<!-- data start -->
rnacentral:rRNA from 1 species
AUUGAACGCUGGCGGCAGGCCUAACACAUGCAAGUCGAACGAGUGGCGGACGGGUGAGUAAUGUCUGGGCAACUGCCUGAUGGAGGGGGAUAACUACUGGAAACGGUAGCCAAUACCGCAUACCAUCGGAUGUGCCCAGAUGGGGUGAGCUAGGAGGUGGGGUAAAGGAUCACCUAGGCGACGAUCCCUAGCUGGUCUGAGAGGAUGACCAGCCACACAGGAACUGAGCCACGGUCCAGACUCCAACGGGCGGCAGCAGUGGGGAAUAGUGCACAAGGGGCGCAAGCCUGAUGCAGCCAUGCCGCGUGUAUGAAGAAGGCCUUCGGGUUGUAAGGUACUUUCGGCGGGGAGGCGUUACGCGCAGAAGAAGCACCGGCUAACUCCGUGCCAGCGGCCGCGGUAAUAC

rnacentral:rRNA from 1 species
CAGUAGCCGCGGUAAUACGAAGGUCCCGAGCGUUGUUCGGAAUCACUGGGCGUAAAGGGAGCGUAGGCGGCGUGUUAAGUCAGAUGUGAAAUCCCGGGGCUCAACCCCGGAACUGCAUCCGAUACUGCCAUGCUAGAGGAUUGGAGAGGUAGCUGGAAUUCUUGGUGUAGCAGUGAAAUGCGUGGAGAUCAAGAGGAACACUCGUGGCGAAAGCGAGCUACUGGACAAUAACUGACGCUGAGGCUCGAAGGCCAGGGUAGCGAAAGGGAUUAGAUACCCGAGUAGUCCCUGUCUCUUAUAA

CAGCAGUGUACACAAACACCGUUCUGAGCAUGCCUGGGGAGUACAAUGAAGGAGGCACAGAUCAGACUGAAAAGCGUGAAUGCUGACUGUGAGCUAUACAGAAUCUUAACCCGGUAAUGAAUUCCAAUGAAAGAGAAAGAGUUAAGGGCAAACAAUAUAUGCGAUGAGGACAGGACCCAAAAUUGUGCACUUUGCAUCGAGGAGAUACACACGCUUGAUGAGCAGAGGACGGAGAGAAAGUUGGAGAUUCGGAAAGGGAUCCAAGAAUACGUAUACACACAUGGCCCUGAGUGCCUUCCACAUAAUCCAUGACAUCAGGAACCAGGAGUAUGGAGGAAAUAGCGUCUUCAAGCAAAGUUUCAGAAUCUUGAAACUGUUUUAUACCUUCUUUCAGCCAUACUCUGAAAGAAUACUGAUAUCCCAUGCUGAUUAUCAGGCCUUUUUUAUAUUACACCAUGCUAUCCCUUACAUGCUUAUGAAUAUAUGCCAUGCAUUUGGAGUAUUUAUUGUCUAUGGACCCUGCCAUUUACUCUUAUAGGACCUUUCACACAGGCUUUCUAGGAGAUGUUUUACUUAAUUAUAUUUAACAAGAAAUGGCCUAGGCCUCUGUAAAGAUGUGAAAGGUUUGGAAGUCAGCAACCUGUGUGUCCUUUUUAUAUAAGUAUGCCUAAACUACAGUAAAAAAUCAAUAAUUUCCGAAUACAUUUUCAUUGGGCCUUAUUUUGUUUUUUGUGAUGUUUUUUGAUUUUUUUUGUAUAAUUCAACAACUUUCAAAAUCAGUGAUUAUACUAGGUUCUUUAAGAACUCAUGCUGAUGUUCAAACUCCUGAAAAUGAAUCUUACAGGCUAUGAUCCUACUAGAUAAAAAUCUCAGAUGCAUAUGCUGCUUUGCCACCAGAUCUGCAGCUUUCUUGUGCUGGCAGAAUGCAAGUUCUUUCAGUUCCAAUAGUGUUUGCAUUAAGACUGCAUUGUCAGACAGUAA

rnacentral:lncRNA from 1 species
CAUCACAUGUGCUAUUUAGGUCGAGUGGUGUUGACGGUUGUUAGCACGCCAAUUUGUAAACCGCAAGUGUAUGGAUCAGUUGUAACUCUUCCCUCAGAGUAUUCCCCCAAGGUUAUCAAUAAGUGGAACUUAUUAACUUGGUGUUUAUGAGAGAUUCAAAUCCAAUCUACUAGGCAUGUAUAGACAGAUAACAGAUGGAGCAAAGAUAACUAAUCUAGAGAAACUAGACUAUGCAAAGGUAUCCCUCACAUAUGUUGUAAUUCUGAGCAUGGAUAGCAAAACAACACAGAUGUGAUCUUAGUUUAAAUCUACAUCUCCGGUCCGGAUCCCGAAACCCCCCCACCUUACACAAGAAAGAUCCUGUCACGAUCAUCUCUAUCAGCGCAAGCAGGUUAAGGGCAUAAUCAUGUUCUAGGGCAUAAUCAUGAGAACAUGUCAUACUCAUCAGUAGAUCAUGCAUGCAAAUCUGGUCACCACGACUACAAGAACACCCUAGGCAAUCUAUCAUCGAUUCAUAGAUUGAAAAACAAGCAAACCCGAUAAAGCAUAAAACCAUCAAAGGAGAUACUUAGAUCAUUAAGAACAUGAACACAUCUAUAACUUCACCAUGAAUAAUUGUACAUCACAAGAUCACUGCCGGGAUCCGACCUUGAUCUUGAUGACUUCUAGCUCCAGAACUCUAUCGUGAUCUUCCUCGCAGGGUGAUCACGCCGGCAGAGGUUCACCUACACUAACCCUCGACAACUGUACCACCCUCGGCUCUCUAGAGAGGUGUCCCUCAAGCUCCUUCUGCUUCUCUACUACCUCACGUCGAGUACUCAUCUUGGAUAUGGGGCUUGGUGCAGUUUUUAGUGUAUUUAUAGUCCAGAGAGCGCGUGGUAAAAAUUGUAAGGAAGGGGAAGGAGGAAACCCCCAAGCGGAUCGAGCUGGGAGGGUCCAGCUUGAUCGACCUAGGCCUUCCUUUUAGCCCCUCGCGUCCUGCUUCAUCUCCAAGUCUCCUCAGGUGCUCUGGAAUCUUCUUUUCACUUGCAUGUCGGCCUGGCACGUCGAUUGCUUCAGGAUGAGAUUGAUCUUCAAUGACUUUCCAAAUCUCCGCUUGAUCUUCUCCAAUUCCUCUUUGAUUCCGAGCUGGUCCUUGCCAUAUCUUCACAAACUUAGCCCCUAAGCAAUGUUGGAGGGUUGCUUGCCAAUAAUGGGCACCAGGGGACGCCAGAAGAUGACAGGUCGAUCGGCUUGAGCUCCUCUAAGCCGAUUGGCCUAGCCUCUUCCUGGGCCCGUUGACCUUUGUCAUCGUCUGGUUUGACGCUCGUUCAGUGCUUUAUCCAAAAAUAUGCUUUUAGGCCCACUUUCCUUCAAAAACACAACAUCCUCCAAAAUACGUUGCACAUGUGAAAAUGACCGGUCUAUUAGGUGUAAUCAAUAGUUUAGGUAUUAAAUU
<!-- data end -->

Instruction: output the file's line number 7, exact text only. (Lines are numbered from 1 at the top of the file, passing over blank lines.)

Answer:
CAUCACAUGUGCUAUUUAGGUCGAGUGGUGUUGACGGUUGUUAGCACGCCAAUUUGUAAACCGCAAGUGUAUGGAUCAGUUGUAACUCUUCCCUCAGAGUAUUCCCCCAAGGUUAUCAAUAAGUGGAACUUAUUAACUUGGUGUUUAUGAGAGAUUCAAAUCCAAUCUACUAGGCAUGUAUAGACAGAUAACAGAUGGAGCAAAGAUAACUAAUCUAGAGAAACUAGACUAUGCAAAGGUAUCCCUCACAUAUGUUGUAAUUCUGAGCAUGGAUAGCAAAACAACACAGAUGUGAUCUUAGUUUAAAUCUACAUCUCCGGUCCGGAUCCCGAAACCCCCCCACCUUACACAAGAAAGAUCCUGUCACGAUCAUCUCUAUCAGCGCAAGCAGGUUAAGGGCAUAAUCAUGUUCUAGGGCAUAAUCAUGAGAACAUGUCAUACUCAUCAGUAGAUCAUGCAUGCAAAUCUGGUCACCACGACUACAAGAACACCCUAGGCAAUCUAUCAUCGAUUCAUAGAUUGAAAAACAAGCAAACCCGAUAAAGCAUAAAACCAUCAAAGGAGAUACUUAGAUCAUUAAGAACAUGAACACAUCUAUAACUUCACCAUGAAUAAUUGUACAUCACAAGAUCACUGCCGGGAUCCGACCUUGAUCUUGAUGACUUCUAGCUCCAGAACUCUAUCGUGAUCUUCCUCGCAGGGUGAUCACGCCGGCAGAGGUUCACCUACACUAACCCUCGACAACUGUACCACCCUCGGCUCUCUAGAGAGGUGUCCCUCAAGCUCCUUCUGCUUCUCUACUACCUCACGUCGAGUACUCAUCUUGGAUAUGGGGCUUGGUGCAGUUUUUAGUGUAUUUAUAGUCCAGAGAGCGCGUGGUAAAAAUUGUAAGGAAGGGGAAGGAGGAAACCCCCAAGCGGAUCGAGCUGGGAGGGUCCAGCUUGAUCGACCUAGGCCUUCCUUUUAGCCCCUCGCGUCCUGCUUCAUCUCCAAGUCUCCUCAGGUGCUCUGGAAUCUUCUUUUCACUUGCAUGUCGGCCUGGCACGUCGAUUGCUUCAGGAUGAGAUUGAUCUUCAAUGACUUUCCAAAUCUCCGCUUGAUCUUCUCCAAUUCCUCUUUGAUUCCGAGCUGGUCCUUGCCAUAUCUUCACAAACUUAGCCCCUAAGCAAUGUUGGAGGGUUGCUUGCCAAUAAUGGGCACCAGGGGACGCCAGAAGAUGACAGGUCGAUCGGCUUGAGCUCCUCUAAGCCGAUUGGCCUAGCCUCUUCCUGGGCCCGUUGACCUUUGUCAUCGUCUGGUUUGACGCUCGUUCAGUGCUUUAUCCAAAAAUAUGCUUUUAGGCCCACUUUCCUUCAAAAACACAACAUCCUCCAAAAUACGUUGCACAUGUGAAAAUGACCGGUCUAUUAGGUGUAAUCAAUAGUUUAGGUAUUAAAUU